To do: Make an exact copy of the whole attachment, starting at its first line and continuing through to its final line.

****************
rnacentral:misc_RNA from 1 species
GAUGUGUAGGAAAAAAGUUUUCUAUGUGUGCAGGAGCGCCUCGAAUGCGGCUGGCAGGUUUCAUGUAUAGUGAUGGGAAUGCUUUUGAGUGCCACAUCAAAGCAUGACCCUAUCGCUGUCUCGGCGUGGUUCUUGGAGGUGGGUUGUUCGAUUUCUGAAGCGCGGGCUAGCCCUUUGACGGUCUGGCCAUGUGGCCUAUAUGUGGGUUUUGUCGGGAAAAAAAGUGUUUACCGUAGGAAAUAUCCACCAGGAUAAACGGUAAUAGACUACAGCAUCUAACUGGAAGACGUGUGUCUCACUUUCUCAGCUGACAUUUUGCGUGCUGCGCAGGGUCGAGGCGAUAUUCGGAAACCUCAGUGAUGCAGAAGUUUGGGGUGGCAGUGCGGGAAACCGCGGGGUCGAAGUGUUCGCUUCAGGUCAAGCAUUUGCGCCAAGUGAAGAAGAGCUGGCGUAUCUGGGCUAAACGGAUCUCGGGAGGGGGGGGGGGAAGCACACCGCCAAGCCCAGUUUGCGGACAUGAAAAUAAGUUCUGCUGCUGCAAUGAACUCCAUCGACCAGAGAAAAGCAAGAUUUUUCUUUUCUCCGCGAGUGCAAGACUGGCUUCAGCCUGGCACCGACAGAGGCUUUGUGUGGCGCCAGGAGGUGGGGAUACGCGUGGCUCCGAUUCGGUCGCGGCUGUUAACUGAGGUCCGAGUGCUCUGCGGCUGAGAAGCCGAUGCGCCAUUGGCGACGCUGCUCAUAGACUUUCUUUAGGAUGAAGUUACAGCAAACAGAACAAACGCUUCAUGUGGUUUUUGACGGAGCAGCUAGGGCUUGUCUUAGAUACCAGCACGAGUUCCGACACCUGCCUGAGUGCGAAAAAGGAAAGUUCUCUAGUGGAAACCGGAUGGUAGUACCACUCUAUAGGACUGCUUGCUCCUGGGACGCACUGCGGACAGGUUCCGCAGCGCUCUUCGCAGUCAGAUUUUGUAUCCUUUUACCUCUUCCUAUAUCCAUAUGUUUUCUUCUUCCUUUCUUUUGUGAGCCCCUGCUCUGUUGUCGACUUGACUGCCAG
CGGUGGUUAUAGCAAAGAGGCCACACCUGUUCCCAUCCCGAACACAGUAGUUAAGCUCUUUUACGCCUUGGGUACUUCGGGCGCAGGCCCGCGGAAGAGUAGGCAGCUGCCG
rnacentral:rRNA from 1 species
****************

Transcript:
rnacentral:misc_RNA from 1 species
GAUGUGUAGGAAAAAAGUUUUCUAUGUGUGCAGGAGCGCCUCGAAUGCGGCUGGCAGGUUUCAUGUAUAGUGAUGGGAAUGCUUUUGAGUGCCACAUCAAAGCAUGACCCUAUCGCUGUCUCGGCGUGGUUCUUGGAGGUGGGUUGUUCGAUUUCUGAAGCGCGGGCUAGCCCUUUGACGGUCUGGCCAUGUGGCCUAUAUGUGGGUUUUGUCGGGAAAAAAAGUGUUUACCGUAGGAAAUAUCCACCAGGAUAAACGGUAAUAGACUACAGCAUCUAACUGGAAGACGUGUGUCUCACUUUCUCAGCUGACAUUUUGCGUGCUGCGCAGGGUCGAGGCGAUAUUCGGAAACCUCAGUGAUGCAGAAGUUUGGGGUGGCAGUGCGGGAAACCGCGGGGUCGAAGUGUUCGCUUCAGGUCAAGCAUUUGCGCCAAGUGAAGAAGAGCUGGCGUAUCUGGGCUAAACGGAUCUCGGGAGGGGGGGGGGGAAGCACACCGCCAAGCCCAGUUUGCGGACAUGAAAAUAAGUUCUGCUGCUGCAAUGAACUCCAUCGACCAGAGAAAAGCAAGAUUUUUCUUUUCUCCGCGAGUGCAAGACUGGCUUCAGCCUGGCACCGACAGAGGCUUUGUGUGGCGCCAGGAGGUGGGGAUACGCGUGGCUCCGAUUCGGUCGCGGCUGUUAACUGAGGUCCGAGUGCUCUGCGGCUGAGAAGCCGAUGCGCCAUUGGCGACGCUGCUCAUAGACUUUCUUUAGGAUGAAGUUACAGCAAACAGAACAAACGCUUCAUGUGGUUUUUGACGGAGCAGCUAGGGCUUGUCUUAGAUACCAGCACGAGUUCCGACACCUGCCUGAGUGCGAAAAAGGAAAGUUCUCUAGUGGAAACCGGAUGGUAGUACCACUCUAUAGGACUGCUUGCUCCUGGGACGCACUGCGGACAGGUUCCGCAGCGCUCUUCGCAGUCAGAUUUUGUAUCCUUUUACCUCUUCCUAUAUCCAUAUGUUUUCUUCUUCCUUUCUUUUGUGAGCCCCUGCUCUGUUGUCGACUUGACUGCCAG
CGGUGGUUAUAGCAAAGAGGCCACACCUGUUCCCAUCCCGAACACAGUAGUUAAGCUCUUUUACGCCUUGGGUACUUCGGGCGCAGGCCCGCGGAAGAGUAGGCAGCUGCCG
rnacentral:rRNA from 1 species